Updated 12:15 p.m. | Rep. Paul D. Ryan, elected Thursday as the 54th speaker of the House, called on his colleagues to help him fix a "broken" chamber.
"I am not interested in laying blame," Ryan said. "We are not settling scores. We are wiping the slate clean." Ryan, a former chairman of the Budget and Ways and Means committees, suggested the committees again draft all major legislation. This, he said, would allow the experts to write the bills and give the minority a refreshed voice in the process, incentivizing them to work in good faith.
"If there were ever a time for us to step up, this would be that time," he said.
Ryan Elected Speaker
But the morning wasn't all about looking forward. The Wisconsin Republican replaces John A. Boehner, R-Ohio, who led an increasingly fractious conference as speaker for the last five years and delivered an emotional farewell address ahead of the vote on his final day in the House.
Ryan received 236 votes, well more than the majority necessary. Minority Leader Nancy Pelosi, D-Calif., received 184 votes and nine members voted for Rep. Daniel Webster, R-Fla.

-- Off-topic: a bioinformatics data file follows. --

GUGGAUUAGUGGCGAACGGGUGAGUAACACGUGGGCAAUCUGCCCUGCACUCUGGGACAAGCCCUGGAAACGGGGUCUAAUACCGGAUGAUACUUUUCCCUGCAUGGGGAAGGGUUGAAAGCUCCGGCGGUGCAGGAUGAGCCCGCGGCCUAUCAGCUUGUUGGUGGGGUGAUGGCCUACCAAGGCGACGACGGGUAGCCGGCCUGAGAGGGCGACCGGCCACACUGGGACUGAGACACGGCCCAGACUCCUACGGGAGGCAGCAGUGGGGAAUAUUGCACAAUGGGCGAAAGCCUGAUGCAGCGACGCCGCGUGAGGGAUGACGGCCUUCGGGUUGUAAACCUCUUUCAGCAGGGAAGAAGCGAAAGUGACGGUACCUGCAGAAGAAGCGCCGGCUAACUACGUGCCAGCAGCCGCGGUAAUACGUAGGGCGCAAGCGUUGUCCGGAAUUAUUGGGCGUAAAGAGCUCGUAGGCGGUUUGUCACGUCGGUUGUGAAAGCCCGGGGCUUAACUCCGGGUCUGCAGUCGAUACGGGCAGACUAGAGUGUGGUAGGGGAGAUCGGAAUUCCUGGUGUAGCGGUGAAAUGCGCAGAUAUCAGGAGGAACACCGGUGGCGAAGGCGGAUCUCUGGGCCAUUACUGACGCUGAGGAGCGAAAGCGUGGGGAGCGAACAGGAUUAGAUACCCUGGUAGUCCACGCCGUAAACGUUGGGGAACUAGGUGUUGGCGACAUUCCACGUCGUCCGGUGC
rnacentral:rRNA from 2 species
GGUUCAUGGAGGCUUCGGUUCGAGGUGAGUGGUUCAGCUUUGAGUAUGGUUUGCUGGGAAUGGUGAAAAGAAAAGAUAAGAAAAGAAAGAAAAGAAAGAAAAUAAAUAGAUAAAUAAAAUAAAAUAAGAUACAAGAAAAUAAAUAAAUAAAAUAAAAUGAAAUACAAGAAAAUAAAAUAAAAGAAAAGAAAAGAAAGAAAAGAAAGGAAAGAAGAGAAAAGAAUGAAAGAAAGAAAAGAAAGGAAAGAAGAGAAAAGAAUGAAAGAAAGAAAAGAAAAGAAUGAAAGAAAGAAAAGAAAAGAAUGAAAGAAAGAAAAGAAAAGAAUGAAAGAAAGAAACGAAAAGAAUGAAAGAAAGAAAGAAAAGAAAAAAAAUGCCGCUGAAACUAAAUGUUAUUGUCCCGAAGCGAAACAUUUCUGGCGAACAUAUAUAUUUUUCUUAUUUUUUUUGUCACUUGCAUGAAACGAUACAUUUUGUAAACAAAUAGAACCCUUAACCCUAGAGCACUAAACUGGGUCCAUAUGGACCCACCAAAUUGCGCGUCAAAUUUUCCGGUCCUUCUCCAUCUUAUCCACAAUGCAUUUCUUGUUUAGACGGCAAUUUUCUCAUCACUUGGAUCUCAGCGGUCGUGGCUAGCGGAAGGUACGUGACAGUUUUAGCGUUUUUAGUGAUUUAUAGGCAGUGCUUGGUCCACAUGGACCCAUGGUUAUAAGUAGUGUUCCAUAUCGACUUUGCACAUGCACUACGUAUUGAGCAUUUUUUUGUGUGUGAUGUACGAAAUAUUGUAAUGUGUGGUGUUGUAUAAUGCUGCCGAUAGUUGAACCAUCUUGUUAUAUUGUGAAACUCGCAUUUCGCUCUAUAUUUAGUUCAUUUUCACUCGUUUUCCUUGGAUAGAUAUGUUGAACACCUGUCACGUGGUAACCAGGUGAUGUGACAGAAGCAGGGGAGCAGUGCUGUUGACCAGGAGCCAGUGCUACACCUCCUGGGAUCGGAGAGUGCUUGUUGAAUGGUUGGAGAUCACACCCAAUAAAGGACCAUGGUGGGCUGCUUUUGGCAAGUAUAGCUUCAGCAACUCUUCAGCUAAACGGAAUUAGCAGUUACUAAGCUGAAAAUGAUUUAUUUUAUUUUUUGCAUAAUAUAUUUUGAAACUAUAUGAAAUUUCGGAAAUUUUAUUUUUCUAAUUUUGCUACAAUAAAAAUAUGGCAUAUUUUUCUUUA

Ryan's ascension brings an end to a chaotic month of political maneuvering. After Pelosi handed Ryan the gavel, he began his remarks with a tribute to Boehner, who remained standing at the back of the chamber.
"He is a true class act," Ryan said. "He is, without a question, the Gentleman from Ohio."
Speaking of the enormous weight on Congress's shoulders, Ryan said, "If you ever pray, let's pray for each other. Republicans for Democrats, and Democrats for Republicans."
After applause, Ryan quipped, "And I don't mean pray for a conversion!"
Ryan, 45, is serving his ninth term in Congress, representing Wisconsin's 1st District. He was the Republican vice presidential nominee in 2012. His running mate, Mitt Romney, looked on from the House gallery, seated behind the Ryan family — Ryan's mother, wife, daughter and two sons.
GOP Conference Chairwoman Cathy McMorris Rodgers, R-Wash., formally nominated Ryan before the vote, saying the House is "eager for a fresh start."
"He's more than a chairman to us. He's more than a colleague. He's a friend," she said. "I can say in all candor he did not seek this office; the office sought him."